Weekend Wine: A Santa Barbara Yeast Does Double Duty
Breadmaker Melissa Sorongon and her daughter Juliet

Breadmakers and winemakers both use Saccharomyces cerevisiae to convert their raw materials into finished products, though the two processes employ different strains of the yeast species. Peter Pastan ignored the distinction on a 2005 harvest trip to Piedrassasi Winery in Lompoc, Calif. Pastan, the owner of Obelisk and Two Amys Pizza in Washington and a partner at Piedrassasi, took some yeast from one of the fermentation tanks and used it to make bread.

The result, says Piedrassasi winemaker Sashi Moorman, "was miraculous. It had the benefit of the additional flavor from the grapes, it had a remarkable purple color, because of the sugar, the crust was very caramelized, and the seeds were toasted in the process of baking. They provided a wonderful crunch and nutty flavor to the bread." The experiment inspired Moorman, who worked as a cook at Oceana and Etats-Unis in New York and with Pastan at Obelisk before switching coasts and careers, to launch a bakery in 2012 that now sells its wares on site and at the Santa Barbara Farmers' Market. The project has made for an education in growing grain and making bread that's given Moorman deeper insight into winemaking.

To sell at the farmers' market, Piedrassasi has to make bread from its own grain. Moorman and his wife Melissa Sorongon grow heirloom varieties of wheat in the Santa Ynez Valley in Santa Barbara County, among them Sonora, which in the 19th century was one of the most popular varieties in California's Central Valley, as well as red wheat, durum wheat, and some rye.

Grain varies significantly depending on where it's grown. "Most grain production in the U.S. happens at higher latitudes and in more fertile soil, which leads to higher productivity, but also more protein," than Piedrasassi's wheat has, Moorman says. Commercial flours used for breadmaking are also high in gluten. In part because Santa Barbara gets less rainfall than the typical grain-producing region, the wheat grown there is lower in protein and gluten, which means "more challenging" breadmaking, Moorman says. It also yields a lighter bread with softer crumbs and smaller air pockets.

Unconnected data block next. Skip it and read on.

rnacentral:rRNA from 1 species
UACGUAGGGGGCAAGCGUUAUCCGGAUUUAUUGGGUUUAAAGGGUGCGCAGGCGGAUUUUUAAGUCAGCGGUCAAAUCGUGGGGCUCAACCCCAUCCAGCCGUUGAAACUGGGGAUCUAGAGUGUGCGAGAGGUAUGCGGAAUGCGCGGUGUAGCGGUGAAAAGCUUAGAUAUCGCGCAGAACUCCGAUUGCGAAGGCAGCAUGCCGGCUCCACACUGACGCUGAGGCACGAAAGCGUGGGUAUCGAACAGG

Melissa Sorongon mills fresh flour for every bake and doesn't fully sift it, which leaves more flavor-producing bran. Piedrasassi uses a starter yeast maintained since the bakery was launched. The wild yeasts for the starter were taken from grapes at the winery. While wineries tend to be obsessive about cleanliness because bacteria can destroy wine, in the bakery, Moorman says, "The sourness that we love in sourdough breads comes from bacteria. The breadmaking process is both yeast and bacteria-driven, whereas in the winery, we try to be very specific about bacteria, which we need only for malolactic fermentation." Just as in wine, the bacteria in dough produce lactic acid, which helps give sourdough its flavor. Sorongon bakes the bread in an oven fired with wood from the walnut orchards in the area. The result, Moorman says, is a "very traditional" bread with "a beautiful deep crust."

Artisanal breadmaking is even more challenging commercially than small-scale winemaking. "People will pay for wine, but not for bread," Moorman says. "The idea of spending $8 or $10 for a loaf of bread is not widespread." Nevertheless, he adds, "We're part of a movement to get people to appreciate bread a little more than they have in the past. The more people purchase wine and bread from a local environment, the more enriched their lives will be."

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